The congressional “supercommittee” charged with cutting trillions from the nation’s deficit is moving into the final stretch with a range of proposals affecting federal employees.
Officially called the Joint Select Committee on Deficit Reduction, the 12-member bipartisan panel is looking for ways to reduce the deficit by $1.5 trillion over 10 years. The committee, whose plan is due by Thanksgiving, has been getting advice from all over, including a flurry of letters last week from congressional colleagues who have oversight responsibility for the federal workforce.
That advice ranged from right to left, spanning partisan and ideological approaches to managing the workforce. No one knows yet what joint committee members will decide regarding federal employees, but the recommendations by their colleagues and from President Obama outline the main policy choices the committee will consider.
Rep. Chris Van Hollen (D-Md.), a federal workforce supporter on the panel, has repeatedly made it clear that “we cannot balance the budget on the backs of federal employees and they should not be unfairly singled out as we work to reduce the deficit,” his spokeswoman, Bridgett Frey, said recently.
But some hits, in addition to the two-year pay freeze already imposed on federal workers in January, seem likely. Even if the joint committee agrees with Democrats on the House Committee on Oversight and Government Reform and calls for no other measures directly aimed at the workforce, potential cuts to agency budgets could affect employees.
Federal workers also should not be surprised if they are called on to pay more for retirement benefits. Obama has proposed an increase of 1.2 percentage points in employee retirement contributions. Rep. Darrell Issa (R-Calif.), chairman of the oversight panel, recommended significantly larger employee retirement payments. And, significantly, the chairman and the top Republican on the Senate Homeland Security and Governmental Affairs Committee , Sens. Joseph I. Lieberman (I-Conn.) and Susan Collins (Maine), respectively, together called for basing retirement income on the highest five years of salary instead of the highest three, with less impact on those close to retirement.
Issa also wants retirement based on the high-five calculation, saying that method “is much more common in the private sector.”
It’s notable that Sen. Daniel K. Akaka (D-Hawaii), chairman of the governmental affairs federal workforce subcommittee, did not agree with Lieberman and Collins. “While I agree it is important that Federal employees share the sacrifice in these challenging economic times,” he wrote in a letter to the joint committee, “I believe they have already done so.”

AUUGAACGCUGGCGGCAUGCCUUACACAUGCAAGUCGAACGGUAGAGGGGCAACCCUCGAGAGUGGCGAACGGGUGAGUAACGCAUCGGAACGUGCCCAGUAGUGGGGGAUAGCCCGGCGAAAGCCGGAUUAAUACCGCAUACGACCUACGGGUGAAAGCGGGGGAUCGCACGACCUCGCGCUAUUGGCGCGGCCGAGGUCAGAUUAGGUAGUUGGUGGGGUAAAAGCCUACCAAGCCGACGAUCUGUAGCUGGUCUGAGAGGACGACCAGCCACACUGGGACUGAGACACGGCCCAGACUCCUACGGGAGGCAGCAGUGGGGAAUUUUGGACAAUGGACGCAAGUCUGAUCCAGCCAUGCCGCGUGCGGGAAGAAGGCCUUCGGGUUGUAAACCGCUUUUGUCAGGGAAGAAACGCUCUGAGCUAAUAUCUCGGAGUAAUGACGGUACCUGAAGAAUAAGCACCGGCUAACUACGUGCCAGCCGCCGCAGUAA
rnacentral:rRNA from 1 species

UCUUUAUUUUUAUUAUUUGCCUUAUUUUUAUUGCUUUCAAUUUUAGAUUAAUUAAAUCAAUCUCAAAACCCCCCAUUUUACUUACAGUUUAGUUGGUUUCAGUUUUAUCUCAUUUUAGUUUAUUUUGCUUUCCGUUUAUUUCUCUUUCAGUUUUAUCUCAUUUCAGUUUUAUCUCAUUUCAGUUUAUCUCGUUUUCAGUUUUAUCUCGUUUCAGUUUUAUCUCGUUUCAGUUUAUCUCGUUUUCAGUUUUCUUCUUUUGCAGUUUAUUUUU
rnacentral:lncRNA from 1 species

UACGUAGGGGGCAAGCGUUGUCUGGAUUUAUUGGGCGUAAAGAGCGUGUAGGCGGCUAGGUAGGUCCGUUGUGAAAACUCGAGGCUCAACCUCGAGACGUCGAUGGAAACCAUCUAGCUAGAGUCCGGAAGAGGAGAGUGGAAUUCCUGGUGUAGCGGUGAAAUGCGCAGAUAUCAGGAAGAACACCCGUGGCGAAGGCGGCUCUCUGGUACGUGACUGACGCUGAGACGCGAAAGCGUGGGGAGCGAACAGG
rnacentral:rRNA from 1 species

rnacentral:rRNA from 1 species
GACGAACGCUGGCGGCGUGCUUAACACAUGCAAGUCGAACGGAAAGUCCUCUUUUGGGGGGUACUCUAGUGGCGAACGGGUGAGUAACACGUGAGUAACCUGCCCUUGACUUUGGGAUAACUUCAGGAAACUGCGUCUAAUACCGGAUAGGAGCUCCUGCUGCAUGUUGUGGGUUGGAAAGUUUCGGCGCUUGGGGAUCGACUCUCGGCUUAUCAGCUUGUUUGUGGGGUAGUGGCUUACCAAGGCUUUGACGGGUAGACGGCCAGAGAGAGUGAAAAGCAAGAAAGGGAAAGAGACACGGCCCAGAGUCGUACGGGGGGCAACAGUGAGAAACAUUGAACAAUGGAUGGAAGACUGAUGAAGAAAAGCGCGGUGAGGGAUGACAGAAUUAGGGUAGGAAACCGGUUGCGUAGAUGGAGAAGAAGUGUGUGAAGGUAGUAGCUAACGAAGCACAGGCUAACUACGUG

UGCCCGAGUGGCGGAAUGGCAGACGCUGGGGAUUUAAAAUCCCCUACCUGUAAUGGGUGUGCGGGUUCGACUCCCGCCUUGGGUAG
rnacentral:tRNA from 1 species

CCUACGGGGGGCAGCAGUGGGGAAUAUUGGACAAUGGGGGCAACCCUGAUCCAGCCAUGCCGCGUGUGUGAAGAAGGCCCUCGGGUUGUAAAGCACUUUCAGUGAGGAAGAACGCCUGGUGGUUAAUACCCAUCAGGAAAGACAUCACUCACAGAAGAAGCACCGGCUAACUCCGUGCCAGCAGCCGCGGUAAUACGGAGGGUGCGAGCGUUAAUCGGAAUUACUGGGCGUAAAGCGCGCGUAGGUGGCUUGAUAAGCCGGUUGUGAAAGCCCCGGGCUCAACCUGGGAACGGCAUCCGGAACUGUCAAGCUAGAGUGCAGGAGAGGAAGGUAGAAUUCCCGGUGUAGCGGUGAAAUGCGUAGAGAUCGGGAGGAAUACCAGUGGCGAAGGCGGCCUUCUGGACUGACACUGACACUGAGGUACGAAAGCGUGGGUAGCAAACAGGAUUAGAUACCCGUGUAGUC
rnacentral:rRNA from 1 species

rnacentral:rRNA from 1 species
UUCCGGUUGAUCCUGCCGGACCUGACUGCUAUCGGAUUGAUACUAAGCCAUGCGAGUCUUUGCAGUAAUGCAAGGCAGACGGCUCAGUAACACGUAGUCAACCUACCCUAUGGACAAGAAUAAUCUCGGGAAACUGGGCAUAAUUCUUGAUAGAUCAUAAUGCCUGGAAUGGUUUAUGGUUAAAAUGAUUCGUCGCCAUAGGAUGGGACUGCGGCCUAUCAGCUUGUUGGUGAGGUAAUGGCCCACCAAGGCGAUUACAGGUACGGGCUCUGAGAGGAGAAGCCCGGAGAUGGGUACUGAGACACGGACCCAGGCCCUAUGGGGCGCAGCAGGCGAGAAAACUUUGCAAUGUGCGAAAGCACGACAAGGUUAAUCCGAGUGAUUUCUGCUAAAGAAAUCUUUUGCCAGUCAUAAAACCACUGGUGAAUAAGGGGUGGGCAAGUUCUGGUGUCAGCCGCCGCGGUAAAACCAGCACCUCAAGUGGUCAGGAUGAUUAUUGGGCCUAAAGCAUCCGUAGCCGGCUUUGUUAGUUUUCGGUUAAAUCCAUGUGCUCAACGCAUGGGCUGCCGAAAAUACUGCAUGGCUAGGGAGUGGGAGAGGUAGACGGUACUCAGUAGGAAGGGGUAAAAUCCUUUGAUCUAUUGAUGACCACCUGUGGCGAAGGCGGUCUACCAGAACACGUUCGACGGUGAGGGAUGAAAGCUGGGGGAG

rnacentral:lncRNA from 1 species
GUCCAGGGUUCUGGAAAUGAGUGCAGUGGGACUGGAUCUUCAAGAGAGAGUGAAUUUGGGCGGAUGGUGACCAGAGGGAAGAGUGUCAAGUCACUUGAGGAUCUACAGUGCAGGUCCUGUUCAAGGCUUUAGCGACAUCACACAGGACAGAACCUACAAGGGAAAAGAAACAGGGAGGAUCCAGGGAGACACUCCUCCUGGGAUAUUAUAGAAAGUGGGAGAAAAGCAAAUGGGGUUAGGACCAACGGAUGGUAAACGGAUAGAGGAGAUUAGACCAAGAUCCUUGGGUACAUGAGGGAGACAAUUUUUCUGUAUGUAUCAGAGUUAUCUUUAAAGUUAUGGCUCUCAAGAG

In another budget-related matter, the Internal Revenue Service commissioner has warned Congress that plans to cut the tax collector’s budget would worsen the nation’s deficit and erode customer service.
Senate appropriations legislation that would slice $525 million from the IRS and a House bill that would reduce agency spending by $650 million “would lead to noticeable degradation of both service and enforcement and would have a serious detrimental impact on voluntary compliance for years to come,” Commissioner Douglas H. Shulman said in a letter to congressional committees. The IRS budget is about $12.5 billion.
The budget cuts also would result in long waits for customer service, he said.
Rep. John Lewis (Ga.), the ranking Democrat on the House Ways and Means oversight subcommittee, said the proposed IRS budget “makes no sense, particularly at a time when Medicare, Medicaid and Social Security are under attack in the name of deficit reduction.”
Shulman said that because the IRS workforce accounts for 92 percent of enforcement spending, the proposed cuts “would mean that front-line IRS staffing levels must be substantially reduced, leading to a measurable decrease of approximately $4 billion in revenue annually. . . . In other words, these budget cuts will result in a direct increase to the nation’s deficit.”
Customer service also would suffer through the budget cuts, Shulman’s letter said. Responses to taxpayer letters “would be delayed up to 5 months,” he wrote, adding: “Approximately half of the nation’s taxpayers attempting to call the IRS would either be unable to get through or hang up in frustration.”
Colleen M. Kelley, president of the National Treasury Employees Union that represents IRS workers, has been waging a vigorous campaign against agency budget cuts. She said “Congress must act to avoid the devastating impact on taxpayer services and deficit reduction that these proposed funding cuts would have.”